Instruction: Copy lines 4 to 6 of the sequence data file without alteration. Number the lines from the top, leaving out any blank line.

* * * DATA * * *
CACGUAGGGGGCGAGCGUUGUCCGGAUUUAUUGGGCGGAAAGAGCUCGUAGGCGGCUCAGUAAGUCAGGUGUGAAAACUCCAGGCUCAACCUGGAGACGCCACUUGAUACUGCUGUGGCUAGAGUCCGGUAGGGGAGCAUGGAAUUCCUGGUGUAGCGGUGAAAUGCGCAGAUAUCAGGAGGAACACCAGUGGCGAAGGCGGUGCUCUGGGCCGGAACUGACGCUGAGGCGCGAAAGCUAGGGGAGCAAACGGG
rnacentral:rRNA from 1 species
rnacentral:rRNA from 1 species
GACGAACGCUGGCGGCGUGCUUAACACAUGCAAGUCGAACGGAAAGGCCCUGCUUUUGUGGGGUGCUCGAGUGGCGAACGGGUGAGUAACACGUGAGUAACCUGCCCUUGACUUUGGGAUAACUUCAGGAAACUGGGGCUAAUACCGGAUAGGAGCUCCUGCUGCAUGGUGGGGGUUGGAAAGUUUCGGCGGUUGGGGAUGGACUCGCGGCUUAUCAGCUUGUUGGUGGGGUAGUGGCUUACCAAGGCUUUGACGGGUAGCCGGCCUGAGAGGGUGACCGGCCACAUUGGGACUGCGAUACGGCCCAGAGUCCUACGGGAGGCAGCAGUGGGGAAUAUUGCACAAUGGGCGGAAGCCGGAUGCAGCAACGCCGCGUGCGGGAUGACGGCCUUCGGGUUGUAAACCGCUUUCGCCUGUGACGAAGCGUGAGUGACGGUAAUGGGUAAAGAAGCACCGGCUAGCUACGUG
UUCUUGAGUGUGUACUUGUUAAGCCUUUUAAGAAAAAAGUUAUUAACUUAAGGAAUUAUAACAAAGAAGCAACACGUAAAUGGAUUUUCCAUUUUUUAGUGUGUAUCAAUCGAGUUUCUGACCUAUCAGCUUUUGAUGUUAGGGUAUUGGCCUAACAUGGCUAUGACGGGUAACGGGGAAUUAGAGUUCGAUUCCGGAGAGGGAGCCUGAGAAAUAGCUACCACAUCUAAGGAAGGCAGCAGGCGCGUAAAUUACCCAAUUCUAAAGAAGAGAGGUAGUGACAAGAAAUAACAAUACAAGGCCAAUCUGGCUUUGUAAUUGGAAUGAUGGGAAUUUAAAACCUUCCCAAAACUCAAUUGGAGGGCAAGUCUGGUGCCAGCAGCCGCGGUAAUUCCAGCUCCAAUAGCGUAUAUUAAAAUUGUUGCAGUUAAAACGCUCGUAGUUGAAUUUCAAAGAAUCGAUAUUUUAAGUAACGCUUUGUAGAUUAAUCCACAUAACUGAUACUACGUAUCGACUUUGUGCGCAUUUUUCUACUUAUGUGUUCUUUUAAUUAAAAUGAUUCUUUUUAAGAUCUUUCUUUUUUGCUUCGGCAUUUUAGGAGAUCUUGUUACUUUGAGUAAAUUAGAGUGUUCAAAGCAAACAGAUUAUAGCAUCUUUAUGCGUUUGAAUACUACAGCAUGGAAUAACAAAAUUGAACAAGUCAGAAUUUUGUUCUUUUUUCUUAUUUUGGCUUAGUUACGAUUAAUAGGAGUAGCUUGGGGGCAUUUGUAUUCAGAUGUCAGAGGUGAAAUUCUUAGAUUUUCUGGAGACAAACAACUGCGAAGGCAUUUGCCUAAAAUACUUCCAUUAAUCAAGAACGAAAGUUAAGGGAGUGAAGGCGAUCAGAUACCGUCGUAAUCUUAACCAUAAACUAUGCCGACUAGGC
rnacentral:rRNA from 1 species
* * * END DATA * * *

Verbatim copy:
GACGAACGCUGGCGGCGUGCUUAACACAUGCAAGUCGAACGGAAAGGCCCUGCUUUUGUGGGGUGCUCGAGUGGCGAACGGGUGAGUAACACGUGAGUAACCUGCCCUUGACUUUGGGAUAACUUCAGGAAACUGGGGCUAAUACCGGAUAGGAGCUCCUGCUGCAUGGUGGGGGUUGGAAAGUUUCGGCGGUUGGGGAUGGACUCGCGGCUUAUCAGCUUGUUGGUGGGGUAGUGGCUUACCAAGGCUUUGACGGGUAGCCGGCCUGAGAGGGUGACCGGCCACAUUGGGACUGCGAUACGGCCCAGAGUCCUACGGGAGGCAGCAGUGGGGAAUAUUGCACAAUGGGCGGAAGCCGGAUGCAGCAACGCCGCGUGCGGGAUGACGGCCUUCGGGUUGUAAACCGCUUUCGCCUGUGACGAAGCGUGAGUGACGGUAAUGGGUAAAGAAGCACCGGCUAGCUACGUG
UUCUUGAGUGUGUACUUGUUAAGCCUUUUAAGAAAAAAGUUAUUAACUUAAGGAAUUAUAACAAAGAAGCAACACGUAAAUGGAUUUUCCAUUUUUUAGUGUGUAUCAAUCGAGUUUCUGACCUAUCAGCUUUUGAUGUUAGGGUAUUGGCCUAACAUGGCUAUGACGGGUAACGGGGAAUUAGAGUUCGAUUCCGGAGAGGGAGCCUGAGAAAUAGCUACCACAUCUAAGGAAGGCAGCAGGCGCGUAAAUUACCCAAUUCUAAAGAAGAGAGGUAGUGACAAGAAAUAACAAUACAAGGCCAAUCUGGCUUUGUAAUUGGAAUGAUGGGAAUUUAAAACCUUCCCAAAACUCAAUUGGAGGGCAAGUCUGGUGCCAGCAGCCGCGGUAAUUCCAGCUCCAAUAGCGUAUAUUAAAAUUGUUGCAGUUAAAACGCUCGUAGUUGAAUUUCAAAGAAUCGAUAUUUUAAGUAACGCUUUGUAGAUUAAUCCACAUAACUGAUACUACGUAUCGACUUUGUGCGCAUUUUUCUACUUAUGUGUUCUUUUAAUUAAAAUGAUUCUUUUUAAGAUCUUUCUUUUUUGCUUCGGCAUUUUAGGAGAUCUUGUUACUUUGAGUAAAUUAGAGUGUUCAAAGCAAACAGAUUAUAGCAUCUUUAUGCGUUUGAAUACUACAGCAUGGAAUAACAAAAUUGAACAAGUCAGAAUUUUGUUCUUUUUUCUUAUUUUGGCUUAGUUACGAUUAAUAGGAGUAGCUUGGGGGCAUUUGUAUUCAGAUGUCAGAGGUGAAAUUCUUAGAUUUUCUGGAGACAAACAACUGCGAAGGCAUUUGCCUAAAAUACUUCCAUUAAUCAAGAACGAAAGUUAAGGGAGUGAAGGCGAUCAGAUACCGUCGUAAUCUUAACCAUAAACUAUGCCGACUAGGC
rnacentral:rRNA from 1 species